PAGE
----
I'm reconsidering stereo for small venues.
A little history
I used to run stereo for my electric guitar (with loads of effect), but I set that aside in June 2004. I remember that distinctly because that's when I got my first L1®. Since then I've run multi-mono. That means I run every sound source on the stage through only one loudspeaker. In the early days, that meant one L1® for each performer.
I appreciated the Cocktail Party Effect and veered away from stereo for guitars. I was using L1®s for all my sound reinforcement needs. The L1®s have such wide horizontal dispersion that you can use just one in many situations. You don't need two to cover a room.
Fast forward several years and the L1® Compact made it even easier to set up and tear down for smaller venues. It sounded great and had horizontal dispersion similar to the larger L1®s. I tried stereo using two L1® Compacts. I didn't need two to cover a room so hauling around twice as much gear wasn't worth the effort.
When the F1 Model 812 came out in 2015, I started experimenting with stereo again. A couple of F1 Model 812s can sound great for stereo, but I wouldn't consider bringing two F1 stacks (F1 Model 812 with F1 Subwoofer) to a small solo gig any more than I'd bring two L1® Compacts.
A little present - the S1 Pro system
I have been exploring using the S1 Pro system with Guitar Amp Modellers. Toward the end of that thread, I said,
I almost never run stereo outs from my Kemper Profiling Amp. It's too much gear to carry (two L1 Compacts or two L1 Model IIs - I mean really!).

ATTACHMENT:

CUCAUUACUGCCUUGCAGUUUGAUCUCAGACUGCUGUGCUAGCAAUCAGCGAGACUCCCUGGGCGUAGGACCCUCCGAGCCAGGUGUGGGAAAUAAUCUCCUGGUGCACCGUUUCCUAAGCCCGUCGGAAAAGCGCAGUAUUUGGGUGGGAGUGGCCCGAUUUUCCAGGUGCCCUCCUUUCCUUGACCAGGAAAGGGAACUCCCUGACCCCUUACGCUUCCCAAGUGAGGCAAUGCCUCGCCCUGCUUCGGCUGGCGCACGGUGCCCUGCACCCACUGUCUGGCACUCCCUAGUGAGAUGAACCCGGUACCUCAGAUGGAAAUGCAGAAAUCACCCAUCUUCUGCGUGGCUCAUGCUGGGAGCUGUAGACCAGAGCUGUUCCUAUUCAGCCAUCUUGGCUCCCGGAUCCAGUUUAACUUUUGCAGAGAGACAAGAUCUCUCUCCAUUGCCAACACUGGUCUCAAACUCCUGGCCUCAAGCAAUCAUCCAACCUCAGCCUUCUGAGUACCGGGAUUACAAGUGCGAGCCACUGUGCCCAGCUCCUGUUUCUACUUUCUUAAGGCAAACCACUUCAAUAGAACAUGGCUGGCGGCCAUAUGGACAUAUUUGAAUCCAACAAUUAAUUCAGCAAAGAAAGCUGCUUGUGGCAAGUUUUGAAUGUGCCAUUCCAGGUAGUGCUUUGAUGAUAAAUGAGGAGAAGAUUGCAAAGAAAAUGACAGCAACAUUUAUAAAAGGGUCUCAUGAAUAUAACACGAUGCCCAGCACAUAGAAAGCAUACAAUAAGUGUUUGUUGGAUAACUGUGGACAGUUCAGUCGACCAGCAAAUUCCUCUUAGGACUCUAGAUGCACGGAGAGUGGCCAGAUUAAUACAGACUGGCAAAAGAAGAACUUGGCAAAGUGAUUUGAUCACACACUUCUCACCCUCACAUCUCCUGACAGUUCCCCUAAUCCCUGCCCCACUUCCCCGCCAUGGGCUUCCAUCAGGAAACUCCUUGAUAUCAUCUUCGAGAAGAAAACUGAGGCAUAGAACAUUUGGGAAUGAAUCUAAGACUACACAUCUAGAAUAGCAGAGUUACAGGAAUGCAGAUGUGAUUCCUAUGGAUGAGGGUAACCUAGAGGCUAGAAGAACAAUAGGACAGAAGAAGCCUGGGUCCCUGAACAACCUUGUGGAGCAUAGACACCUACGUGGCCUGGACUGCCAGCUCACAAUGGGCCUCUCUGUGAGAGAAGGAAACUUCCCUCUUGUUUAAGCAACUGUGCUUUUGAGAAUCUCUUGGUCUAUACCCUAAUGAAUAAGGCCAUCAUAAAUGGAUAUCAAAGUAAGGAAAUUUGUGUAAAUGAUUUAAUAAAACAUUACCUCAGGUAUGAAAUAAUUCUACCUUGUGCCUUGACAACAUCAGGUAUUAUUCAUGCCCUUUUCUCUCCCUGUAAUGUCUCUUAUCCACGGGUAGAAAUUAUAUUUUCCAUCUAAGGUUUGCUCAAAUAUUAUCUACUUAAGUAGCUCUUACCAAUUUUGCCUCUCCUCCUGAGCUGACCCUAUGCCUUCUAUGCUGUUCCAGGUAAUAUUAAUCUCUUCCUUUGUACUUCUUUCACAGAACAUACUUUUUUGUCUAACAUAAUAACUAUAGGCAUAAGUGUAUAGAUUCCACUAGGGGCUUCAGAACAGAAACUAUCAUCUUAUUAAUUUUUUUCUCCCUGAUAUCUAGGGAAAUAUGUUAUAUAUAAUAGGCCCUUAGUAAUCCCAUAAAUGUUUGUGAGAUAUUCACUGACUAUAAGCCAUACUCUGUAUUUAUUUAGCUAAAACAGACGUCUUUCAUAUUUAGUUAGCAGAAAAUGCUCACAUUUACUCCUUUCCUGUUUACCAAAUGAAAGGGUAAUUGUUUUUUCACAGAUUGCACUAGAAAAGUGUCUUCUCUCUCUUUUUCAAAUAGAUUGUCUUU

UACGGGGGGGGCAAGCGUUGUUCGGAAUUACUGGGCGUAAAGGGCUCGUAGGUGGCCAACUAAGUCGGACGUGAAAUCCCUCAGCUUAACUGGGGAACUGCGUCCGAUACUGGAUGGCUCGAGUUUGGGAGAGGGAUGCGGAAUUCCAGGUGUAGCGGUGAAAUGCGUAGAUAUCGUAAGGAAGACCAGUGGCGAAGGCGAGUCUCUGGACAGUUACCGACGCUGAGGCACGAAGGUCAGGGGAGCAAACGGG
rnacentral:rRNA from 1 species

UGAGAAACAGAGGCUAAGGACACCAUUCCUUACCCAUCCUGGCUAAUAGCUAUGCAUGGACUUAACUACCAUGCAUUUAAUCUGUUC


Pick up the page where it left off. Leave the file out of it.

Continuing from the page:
And when you run stA ereo you lose the Cocktail Party Effect when playing with others. All of a sudden, the guitar sound (no matter how glorious), is everywhere.
I just tried out running stereo with two S1 Pros. Oh my, it's glorious. I would definitely do this for a small solo gig. If I use the Boss GT-1 I could run everything on batteries.
This is a lot of sound for 30 pounds. (13.6 kilograms - but I liked the rhyme better).
Food for thought.
Since then I've happily spent hours playing through two S1 Pros. Because the horizontal dispersion is 100 degrees, you can justify running two to cover a room. You don't have to use two but makes it easier to get the sound where you need it.
The T4S ToneMatch® mixer is stereo and it is easy to manage two S1 Pros with it. I had planned to keep a T1® to use with an S1 Pro. And now, I'm thinking about a T4S and a couple of S1 Pros. The sound of stereo is just that good.